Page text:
and deserving Sovereign, to appeal from their misled Opinions, by the misguide of their Favours, to Your approved Justice and Judgment, and rather therein to blemish my defective Self, by laying open my secret Imperfections, and thereby endamaging only mine own particular Private, than to deceive their Hopes (being of me but waking Dreams) and wrong the Weight of this so great and important publick Service; which requireth to be managed by the absolute Perfection of Experience, the Mother of Prudence; by the Profoundness of Literature, the Father of true Judgment; and by the Fulness and Grace of Nature's Gifts, which are the Beauty and Ornament of Arts and Actions; from the Virtues of all and every whereof I am so far estranged, that not tasting of Parnassus' Springs at all, nor of that Honey, left upon the Lips of Plato and Pindarus by the Bees, Birds of the Muses, as I remain touched with the Error of the contrary, and thereby am disabled to undergo the Weight of so heavy a Burthen, under which I do already groan, and shall both faint and fail, and if not by Your Justice disburdened, or by Your Clemency commiserated. I therefore, prostrating myself at the Foot of Your Justice-seat, do implore my Discharge; not moved thereto by any cold Humour to Your Highness' Service (for therein I rather choose to be cooled by Death, than by Want of Will to neglect the same) but only through the frost-bitten Defects of mine own Imperfections; which if they could be repaired with Mind's true Zeal to effect that, which my Heart desireth, then Life breatheth not in that Body, who more longeth to employ the same in all Duties, that may to Your Majesty be serviceable, or to Your Highness acceptable. Notwithstanding, as your devoted Subject and Servant, I only and wholly subject myself, my State, and Life, as the true Subject of Your gracious Pleasure; desiring not longer to live, than so to live, that my Breath and Life may breath out to Your Majesty, Loyalty, Faith, and Obedience, whereof my Life and Death shall be my Pawn and Pledge.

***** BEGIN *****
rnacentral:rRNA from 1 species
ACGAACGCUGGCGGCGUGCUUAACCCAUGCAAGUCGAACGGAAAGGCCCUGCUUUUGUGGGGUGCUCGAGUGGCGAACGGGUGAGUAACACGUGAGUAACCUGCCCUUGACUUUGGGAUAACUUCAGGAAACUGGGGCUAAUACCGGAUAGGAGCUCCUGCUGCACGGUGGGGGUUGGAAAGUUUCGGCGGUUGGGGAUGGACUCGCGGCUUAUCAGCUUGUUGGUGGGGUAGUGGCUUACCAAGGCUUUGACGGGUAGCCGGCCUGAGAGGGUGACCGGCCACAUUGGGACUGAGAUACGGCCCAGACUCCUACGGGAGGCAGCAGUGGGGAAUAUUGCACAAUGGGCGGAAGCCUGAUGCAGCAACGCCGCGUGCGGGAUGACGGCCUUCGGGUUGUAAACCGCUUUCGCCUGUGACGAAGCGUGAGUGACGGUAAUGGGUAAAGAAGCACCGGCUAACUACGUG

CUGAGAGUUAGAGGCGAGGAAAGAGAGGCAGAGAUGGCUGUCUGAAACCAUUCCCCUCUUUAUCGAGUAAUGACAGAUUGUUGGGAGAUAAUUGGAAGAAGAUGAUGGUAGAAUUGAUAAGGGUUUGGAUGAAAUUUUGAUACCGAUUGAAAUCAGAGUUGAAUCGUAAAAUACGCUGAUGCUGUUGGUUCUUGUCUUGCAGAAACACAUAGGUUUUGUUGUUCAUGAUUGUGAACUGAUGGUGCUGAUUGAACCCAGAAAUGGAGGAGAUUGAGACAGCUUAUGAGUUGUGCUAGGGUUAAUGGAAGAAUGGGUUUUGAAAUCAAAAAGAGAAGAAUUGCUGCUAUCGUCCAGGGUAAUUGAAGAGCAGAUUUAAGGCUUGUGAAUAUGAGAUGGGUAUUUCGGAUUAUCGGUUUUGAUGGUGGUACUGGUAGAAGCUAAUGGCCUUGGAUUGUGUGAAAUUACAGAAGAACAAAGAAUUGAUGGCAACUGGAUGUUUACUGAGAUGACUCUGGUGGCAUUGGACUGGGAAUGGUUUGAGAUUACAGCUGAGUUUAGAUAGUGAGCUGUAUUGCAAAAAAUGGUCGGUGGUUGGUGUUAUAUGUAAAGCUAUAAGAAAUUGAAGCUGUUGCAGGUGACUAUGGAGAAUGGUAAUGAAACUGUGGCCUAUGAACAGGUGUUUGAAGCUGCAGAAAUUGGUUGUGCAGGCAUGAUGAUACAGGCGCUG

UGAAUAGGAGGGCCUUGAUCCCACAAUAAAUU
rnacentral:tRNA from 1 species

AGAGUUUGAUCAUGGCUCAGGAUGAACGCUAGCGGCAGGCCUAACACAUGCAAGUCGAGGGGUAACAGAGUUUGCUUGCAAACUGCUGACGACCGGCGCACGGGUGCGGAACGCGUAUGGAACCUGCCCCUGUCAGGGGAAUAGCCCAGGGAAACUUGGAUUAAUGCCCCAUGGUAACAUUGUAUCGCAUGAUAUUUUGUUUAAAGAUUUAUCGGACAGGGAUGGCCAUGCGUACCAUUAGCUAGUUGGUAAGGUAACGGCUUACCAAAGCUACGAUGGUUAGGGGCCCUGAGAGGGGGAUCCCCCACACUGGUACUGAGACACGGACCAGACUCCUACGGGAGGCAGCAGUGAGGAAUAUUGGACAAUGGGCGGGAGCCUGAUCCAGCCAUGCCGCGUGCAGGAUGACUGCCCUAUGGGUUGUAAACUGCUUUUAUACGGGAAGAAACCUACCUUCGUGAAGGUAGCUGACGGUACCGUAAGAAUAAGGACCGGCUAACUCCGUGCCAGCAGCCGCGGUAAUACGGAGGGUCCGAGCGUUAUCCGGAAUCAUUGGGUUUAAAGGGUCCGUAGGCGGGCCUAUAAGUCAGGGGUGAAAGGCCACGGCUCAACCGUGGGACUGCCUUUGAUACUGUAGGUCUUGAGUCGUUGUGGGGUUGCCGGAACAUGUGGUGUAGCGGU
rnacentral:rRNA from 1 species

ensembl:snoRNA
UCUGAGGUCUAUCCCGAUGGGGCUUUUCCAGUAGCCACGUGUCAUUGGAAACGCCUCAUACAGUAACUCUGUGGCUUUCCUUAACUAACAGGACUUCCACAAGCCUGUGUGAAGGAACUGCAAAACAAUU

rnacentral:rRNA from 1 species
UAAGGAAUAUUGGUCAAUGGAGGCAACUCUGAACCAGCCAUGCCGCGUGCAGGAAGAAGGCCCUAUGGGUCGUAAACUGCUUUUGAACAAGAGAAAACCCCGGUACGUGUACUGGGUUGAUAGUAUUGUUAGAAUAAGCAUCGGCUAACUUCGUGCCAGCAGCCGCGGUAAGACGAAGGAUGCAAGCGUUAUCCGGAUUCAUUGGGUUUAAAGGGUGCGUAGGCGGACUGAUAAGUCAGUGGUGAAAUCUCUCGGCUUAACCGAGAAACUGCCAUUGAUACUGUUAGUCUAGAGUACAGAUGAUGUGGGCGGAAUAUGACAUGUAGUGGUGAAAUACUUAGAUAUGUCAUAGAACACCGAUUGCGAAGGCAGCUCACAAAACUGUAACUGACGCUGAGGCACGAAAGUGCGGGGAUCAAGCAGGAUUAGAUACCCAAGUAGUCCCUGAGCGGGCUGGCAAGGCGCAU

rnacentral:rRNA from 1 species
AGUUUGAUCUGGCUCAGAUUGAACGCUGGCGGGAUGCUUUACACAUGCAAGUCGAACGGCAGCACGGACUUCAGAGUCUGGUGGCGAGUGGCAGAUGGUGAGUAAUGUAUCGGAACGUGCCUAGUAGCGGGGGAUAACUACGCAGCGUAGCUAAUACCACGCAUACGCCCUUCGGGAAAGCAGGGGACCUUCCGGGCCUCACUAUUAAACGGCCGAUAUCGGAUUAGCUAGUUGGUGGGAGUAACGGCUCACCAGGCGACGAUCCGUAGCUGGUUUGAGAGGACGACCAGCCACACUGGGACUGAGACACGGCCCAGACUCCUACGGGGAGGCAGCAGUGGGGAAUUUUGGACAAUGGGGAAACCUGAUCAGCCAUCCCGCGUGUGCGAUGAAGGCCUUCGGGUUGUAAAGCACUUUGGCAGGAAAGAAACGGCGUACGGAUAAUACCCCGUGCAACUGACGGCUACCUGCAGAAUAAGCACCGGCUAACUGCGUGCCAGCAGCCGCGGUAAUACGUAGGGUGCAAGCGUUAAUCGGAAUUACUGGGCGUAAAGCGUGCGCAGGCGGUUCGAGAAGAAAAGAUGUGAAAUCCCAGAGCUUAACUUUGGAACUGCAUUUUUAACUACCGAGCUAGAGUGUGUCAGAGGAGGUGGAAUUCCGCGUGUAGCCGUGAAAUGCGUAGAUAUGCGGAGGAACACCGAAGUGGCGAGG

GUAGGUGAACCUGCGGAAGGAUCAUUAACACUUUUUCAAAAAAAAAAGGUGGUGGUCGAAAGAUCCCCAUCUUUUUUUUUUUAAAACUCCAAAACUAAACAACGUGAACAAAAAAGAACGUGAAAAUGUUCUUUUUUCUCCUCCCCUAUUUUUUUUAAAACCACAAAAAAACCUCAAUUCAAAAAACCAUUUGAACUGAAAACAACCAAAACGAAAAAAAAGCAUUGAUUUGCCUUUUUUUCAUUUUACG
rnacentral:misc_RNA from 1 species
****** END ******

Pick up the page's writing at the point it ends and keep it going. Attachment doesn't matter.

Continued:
b Most renowned Sovereign: If a divided Mind may frame a well-joined Answer, then may I say, too much, more than too justly, may Your Majesty contemn my Wants, but never condemn my Want of Duty : For, although in this Place of Employment (now commanded) I ought, and do, give Precedency to many, yet to none in my Will to do You Service; for therein my Zeal shall ever resemble the Fire, hot, and yet trembling; hot, in my Desire to discharge the full Measure of my Duty; but Pisander like, trembling, in my Fear, lest, through my Imperfections, I fail in that, which I should perform. My Course of Life hath not been much conversant in the Study of Arts, which might make me speak scripta vel sculpta, as Demosthenes wished; nor in the Policies of State, of which a Subject to his Sovereign must speak breviter aut suaviter; but in the Profession and Practice of the Laws, which are Nervi Reipublicae et Lingamenta, the Bonds and Sinews of this Kingdom; which yield more Fruits of Reason, than Words, the Buds of Art, and blossoming Terms of Eloquence : And therefore to confine myself within the proper Element of my Profession, and not to aim and snatch at Things beyond my Reach; be pleased, of all others most renowned Sovereign, in few and unfiled Words to entertain with Your gracious Aspect a comparative Resemblance between a Body by Nature, and the Body Politic of this Your Majesty's Commonwealth, figured and drawn out of the Rules of Law; whereof, as the natural Body of the One is framed of Four Principal Parts, namely, of a Head, of a Body, of a Life, and of a Soul; so is the Politick Body of the other compounded of like Four essential Members; as of a Head, of a Body, of a Life, and of a Soul: And as, by the Disbranching of any One Particular from the natural Body, the Perfection of the Whole is dissolved; so, by the dismembering from the Politick Body of any One of the Four Politick Parts, the Glory of the Whole is disrooted. This Politick Head now is (and we all, with One zealous and united Devotion, pray, long and long may be) Your most honoured and best deserving Self; this Body Politick now is, and still desire to be, Your loyal and faithful Subjects; this Politick Life now is, and so well deserves to be, Your Highness' common and positive Laws ; this Politick Soul now is, and so of necessity must be, Your absolute Justice in the true Distribution of the same. And as the natural Head of the One (although the Prince, and directing Part of the Whole) cannot be supported without his natural Body, nor the natural Body without. his natural Life, nor the natural Life breathe without the Soul; no more can the Politick Head of the other (although the supreme and commanding Part) stand secure without his Subjects, being the Politick Body, nor the Politick Body without his Laws, being his Politick Life, nor his Politick Life without his Politick Soul, being Execution. And as the natural Body of the One is subject to the Imperfections of Nature, and, in best Health and Fulness, findeth least his Danger; so, in Peace and Plenty, is the other subject to Enormities of Misguide and Error; which made good Laws spring out of bad Manners; for if Diseases were not, there needs no Medicines; nor Use of Laws, but for Restraint of Evils. The natural Head's Providence protecteth the Body from gross Diseases, and discreet Foresight preventeth After-claps of Danger; so the Wisdom, Prudence, and good Guide of the Politick Head, is the sovereign Preservative against the infectious Poison of Discord and Disorder : And as to each Part of the natural Body belongeth divers, several, and divided Duties and Offices to be performed; so is or ought to be) every Part of the Politick Body attended on with Four particular Virtues and Properties: As to the Head there belongeth, first, Zeal in Religion, whereby God may be truly honoured ; secondly. Prudence in constituting Laws, whereby the Body may be rightly governed; thirdly, Magnanimity, to repel the Fury, both of Foes and Fortunes ; fourthly, Justice, tempered so with Mercy, whereby the well-disposed may not be drawn to presume, nor the rash and negligent Delinquent driven to Despair: To the Body, first, Devotion, to pray for the Safety of so precious an Head; secondly Minds and Wills to obey him in all faithful Loyalty; thirdly, Hands and Hearts, as Brethren in Unity, to fight against the common Enemy in Defence of his Royal Dignity; fourthly, Purses prepared and open to supply the necessary Occasions of his Sovereignty : To the Life, being the Law, belongeth, first, to inform You our Prince, how us Your Subjects to command ; secondly, to direct us Your Subjects, how You our Sovereign to obey; thirdly, to instruct Your Highness' Magistrates, and Officers of Justice, with Knowledge how to adjudge; fourthly, to teach Your Ministers of Government the Mean and Manner how to discipline ; for Ignorance of Laws brings Error in Judgment, and Error or Corruption in Judgment is the very Plague of the Innocent: The Soul, being Execution, requireth, first, to preserve the Authority of Laws from Contempt; secondly, to maintain the Power of Government in his absolute Virtue ; thirdly, to protect the oppressed from the Tyranny of Oppression; fourthly, to correct the Oppressors with the Sword of judicial Censure, that Your Laws may not be Cobwebs to punish little Flies, and let the great escape ; for Lenity and Gentleness to such so bad, is nothing else but Cruelty to them that are good. A Body of these Mixtures, thus compounded, is both to the Prince and Subjects in Earth, and all earthly Things, Summum Bonum. For the first Four Virtues of the Head, God is honoured, the People governed, Enemies are repelled, Justice without Tyranny, and Mercy without Remissness distributed. By the second four Duties of the Body, the Head is secured. Loyalty performed, Royalty defended, Sovereignty in Wars maintained, and in Peace adorned. By the third Four Properties of the Life, being the Law, Commandments are rightly commanded, Obedience is truly yielded, Judgments with Knowlege are pronounced, Executions without Error executed. By the last Four Offices of the Soul, being Execution, You shall find Laws in Authority preserved. Government in his Virtue maintained, the oppressed strongly, yea,